When our now-grown sons were preschoolers in the early 1980s, we shopped carefully for an affordable small family car and settled on a silver Chevrolet Cavalier that had all the fun of a Puritan sermon.
Settled was the operative word back then when it came to our entry-level Chevrolet.
The Cavalier was functional, but lackluster, with a less-than-memorable exterior and a bland, cheap-looking cabin that didn't measure up to European competitors like the Volkswagen Jetta.
So we were eager to check out the all-new 2005 Chevrolet Cobalt, General Motors Corp.'s long-awaited successor to the Cavalier.
Would this be a vehicle that would please dollar-conscious adults and still appeal to fussy young buyers?
The answer is maybe.
With the Cobalt, GM has finally created a modern compact car that is affordable and appealing.
That achievement is noteworthy, if somewhat belated, considering that the Cobalt's antediluvian predecessor, the Cavalier, is more than 20 years old, and that GM's previous small-car attempt-the ill-conceived and poorly executed Saturn Ion - was a disaster and an embarrassment for the brand and its parent company when it debuted in late 2002.We just wish GM and Chevy had reached a little higher. The Cobalt is pleasant and competent, but not groundbreaking, in a segment populated by one strong contender after another, including the Toyota Corolla, Honda Civic, Ford Focus, Mazda3, Volkswagen Jetta and Kia Spectra.
While it is miles ahead of the Cavalier, which is finally being put out to pasture, the Cobalt is by no means the segment leader.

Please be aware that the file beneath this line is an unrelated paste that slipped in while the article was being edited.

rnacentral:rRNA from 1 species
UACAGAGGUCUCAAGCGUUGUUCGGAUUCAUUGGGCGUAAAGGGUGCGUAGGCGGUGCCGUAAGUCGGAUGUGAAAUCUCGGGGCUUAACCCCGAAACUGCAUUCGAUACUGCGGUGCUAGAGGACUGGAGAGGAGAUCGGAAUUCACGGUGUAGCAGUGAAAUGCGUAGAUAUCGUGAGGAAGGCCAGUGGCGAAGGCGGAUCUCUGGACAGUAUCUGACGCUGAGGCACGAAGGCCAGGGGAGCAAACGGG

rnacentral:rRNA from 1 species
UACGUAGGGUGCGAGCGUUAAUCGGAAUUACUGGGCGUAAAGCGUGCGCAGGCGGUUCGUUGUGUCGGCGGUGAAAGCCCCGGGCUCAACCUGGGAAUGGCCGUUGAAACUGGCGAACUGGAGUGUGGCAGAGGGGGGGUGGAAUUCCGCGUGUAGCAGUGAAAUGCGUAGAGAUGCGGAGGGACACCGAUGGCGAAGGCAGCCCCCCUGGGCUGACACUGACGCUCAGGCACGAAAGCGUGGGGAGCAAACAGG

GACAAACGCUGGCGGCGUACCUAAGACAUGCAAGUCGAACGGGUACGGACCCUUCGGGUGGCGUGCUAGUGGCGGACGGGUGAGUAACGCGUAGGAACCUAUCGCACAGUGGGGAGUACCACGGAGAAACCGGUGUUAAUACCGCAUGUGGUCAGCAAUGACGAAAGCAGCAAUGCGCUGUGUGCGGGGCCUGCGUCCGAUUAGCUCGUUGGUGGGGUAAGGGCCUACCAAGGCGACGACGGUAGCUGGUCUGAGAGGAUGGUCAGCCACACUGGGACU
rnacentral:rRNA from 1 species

In fact, Cobalt not only is late to the party, but it lacks some of the features and punch of its competitors.
Nor does it stand out in a crowd.
The design is fresh, but not particularly distinctive (tucked away in the parking garage, a relative asked if it was a new Volkswagen).
In its favor, Cobalt has a comfortable, compliant ride and exhibits excellent chassis dynamics.
Unlike many of its GM siblings, this new Chevy also boasts a tastefully designed cockpit with high-quality materials - a dramatic departure from too many of the General's current vehicles.
We spent a week in late December driving around southeastern Michigan in the new Cobalt sedan, a top-of-the-line LT version with leather upholstery and wood trim, priced at $20,465 including destination charges.
We put several hundred miles on the car and appreciated a number of the car's attributes, notably its comfort, responsiveness and ease of operation.